Lam: Tragedy a reminder to ensure construction site safety


PETALING JAYA: Inclement wea­ther should never be used as an excuse for landslides, says National Institute of Occupational Safety and Health chairman Tan Sri Lee Lam Thye (pic).

Instead, he said, the relevant parties should look into their weaknesses and check on whether standard operating procedures were followed and safety procedures and legislation complied with.

Friday’s tragedy at a construction site in Paya Terubong, Penang, was another example of safety lapses and inadequate attention given to workers’ safety, he said.

“It is the result of poor occupational safety and health practices at worksites,” he said in a statement.

Lee said the time had come for those who bid for contracts to provide safety policy statements, implement “hazard identification, risk assessment and risk control principle, and also furnish information regarding the experience and safety training given to their employees”.

This would help workers and their supervisors identify risks and find ways to avoid them, he added.

Lee said safety and health aspects in the construction sector should be improved and given priority because these sites were categorised as dangerous zones, not just for the workers but also for people in the surrounding areas.

During the rainy season, for instance, he said these work sites should have regular inspections.

“All local councils must also initiate measures such as having more safety inspections and audits to prevent rain-related mishaps at construction sites.

“Among others, they must compel construction sites to implement mitigation plans to prevent and counter landslides, debris and mud floods,” he added.

Lee also said that comprehensive geological studies should be conducted before any hill slope development projects could begin.

The Consumers Association of Penang (CAP) called on the Penang government to put a stop to all work on hill-related construction projects until proper safety and environmental checks had been carried out.

Its president S.M. Mohd Idris said the landslide in Paya Terubong was another warning that people residing in areas near hill developments were living in danger.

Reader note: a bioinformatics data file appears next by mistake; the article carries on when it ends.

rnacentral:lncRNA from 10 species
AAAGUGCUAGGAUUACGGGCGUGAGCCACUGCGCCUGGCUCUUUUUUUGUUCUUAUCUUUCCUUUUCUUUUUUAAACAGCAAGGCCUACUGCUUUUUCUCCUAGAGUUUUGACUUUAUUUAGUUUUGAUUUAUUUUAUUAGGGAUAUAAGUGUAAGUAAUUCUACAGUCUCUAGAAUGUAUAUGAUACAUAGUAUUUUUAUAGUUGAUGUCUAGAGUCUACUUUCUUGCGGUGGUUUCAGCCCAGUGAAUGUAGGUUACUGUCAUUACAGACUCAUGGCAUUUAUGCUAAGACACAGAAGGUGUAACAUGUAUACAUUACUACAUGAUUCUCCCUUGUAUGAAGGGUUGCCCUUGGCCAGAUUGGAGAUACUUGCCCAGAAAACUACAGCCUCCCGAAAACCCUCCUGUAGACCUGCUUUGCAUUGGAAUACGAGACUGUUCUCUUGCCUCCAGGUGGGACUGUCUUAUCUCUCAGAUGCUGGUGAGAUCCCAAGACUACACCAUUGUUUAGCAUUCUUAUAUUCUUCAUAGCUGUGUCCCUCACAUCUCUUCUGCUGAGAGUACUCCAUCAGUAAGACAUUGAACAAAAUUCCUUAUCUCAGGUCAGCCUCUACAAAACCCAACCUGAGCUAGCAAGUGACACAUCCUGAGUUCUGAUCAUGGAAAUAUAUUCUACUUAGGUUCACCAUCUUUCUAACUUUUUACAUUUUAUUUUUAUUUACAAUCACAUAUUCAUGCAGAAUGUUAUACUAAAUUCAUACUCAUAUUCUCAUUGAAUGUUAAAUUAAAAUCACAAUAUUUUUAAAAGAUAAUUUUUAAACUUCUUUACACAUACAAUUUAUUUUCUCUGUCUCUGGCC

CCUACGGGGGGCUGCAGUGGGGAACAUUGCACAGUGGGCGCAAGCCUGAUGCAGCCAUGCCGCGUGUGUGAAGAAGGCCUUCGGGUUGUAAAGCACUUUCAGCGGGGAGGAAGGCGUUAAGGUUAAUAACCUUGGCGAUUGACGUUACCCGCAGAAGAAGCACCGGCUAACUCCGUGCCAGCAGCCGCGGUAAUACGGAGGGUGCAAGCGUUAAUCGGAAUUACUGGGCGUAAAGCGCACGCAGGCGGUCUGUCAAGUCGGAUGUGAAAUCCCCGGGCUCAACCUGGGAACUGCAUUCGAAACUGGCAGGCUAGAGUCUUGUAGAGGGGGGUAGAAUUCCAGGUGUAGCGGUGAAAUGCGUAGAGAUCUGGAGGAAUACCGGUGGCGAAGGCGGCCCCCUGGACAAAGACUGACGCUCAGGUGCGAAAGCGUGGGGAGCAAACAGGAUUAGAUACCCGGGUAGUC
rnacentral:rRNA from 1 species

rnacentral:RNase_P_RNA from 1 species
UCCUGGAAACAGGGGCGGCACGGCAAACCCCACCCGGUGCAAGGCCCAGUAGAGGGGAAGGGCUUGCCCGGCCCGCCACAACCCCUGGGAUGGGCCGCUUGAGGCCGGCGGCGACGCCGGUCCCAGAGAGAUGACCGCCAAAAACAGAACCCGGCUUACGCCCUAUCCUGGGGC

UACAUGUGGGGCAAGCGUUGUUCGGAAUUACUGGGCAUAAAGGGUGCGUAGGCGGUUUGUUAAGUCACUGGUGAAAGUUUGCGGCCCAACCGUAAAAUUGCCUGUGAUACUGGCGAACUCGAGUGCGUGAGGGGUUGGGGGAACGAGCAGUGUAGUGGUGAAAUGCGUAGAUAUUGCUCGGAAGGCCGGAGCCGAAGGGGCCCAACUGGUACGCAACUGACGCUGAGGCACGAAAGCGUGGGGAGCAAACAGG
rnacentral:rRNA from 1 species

“Despite a stop-work order having been issued by the Department of Occupational Health and Safety a few days ago in relation to a collapse of beams along the road project, it clearly shows that no safety and preventive measures were taken at the site to protect workers and prevent any mishaps,” he said in a statement.

Idris said a visit to the site of the landslide by CAP on Friday found clearings and barren steep slopes along the project site at almost 90°.

“There was no slope protection or soil stabilisation measures seen at the site, which is a clear invitation for disaster to happen,” he added.

Article type: metered
User Type: anonymous web
User Status:
Campaign ID: 46
Cxense type: free
User access status: 3
Join our Telegram channel to get our Evening Alerts and breaking news highlights

Environment , landslide , Penang

   

Next In Nation

Penang cops arrest suspect high on drugs who ran amok
Hisham: Immigration asked to review categories of applications without applying via ‘MyTravelPass’
Appreciate how and on what basis Malaysia Day was formed, says Sabah CM
Work together to rebuild the economy and livelihoods, Muhyiddin tells M’sians
PM says MA63 issues will be resolved, announces over RM9bil allocation for Sabah and Sarawak
Friday prayers allowed in KL, Putrajaya mosques with up to 500 congregants, says Jawi
EMCO extended in four areas in Pahang until Oct 1
Malaysia can overcome challenges if people remain united, says Selangor Sultan
Langkawi police: No compound notices issued on island resort’s first day of reopening
AirAsia: Full flight load to Langkawi signals strong rebound for domestic air travel

Stories You'll Enjoy


Vouchers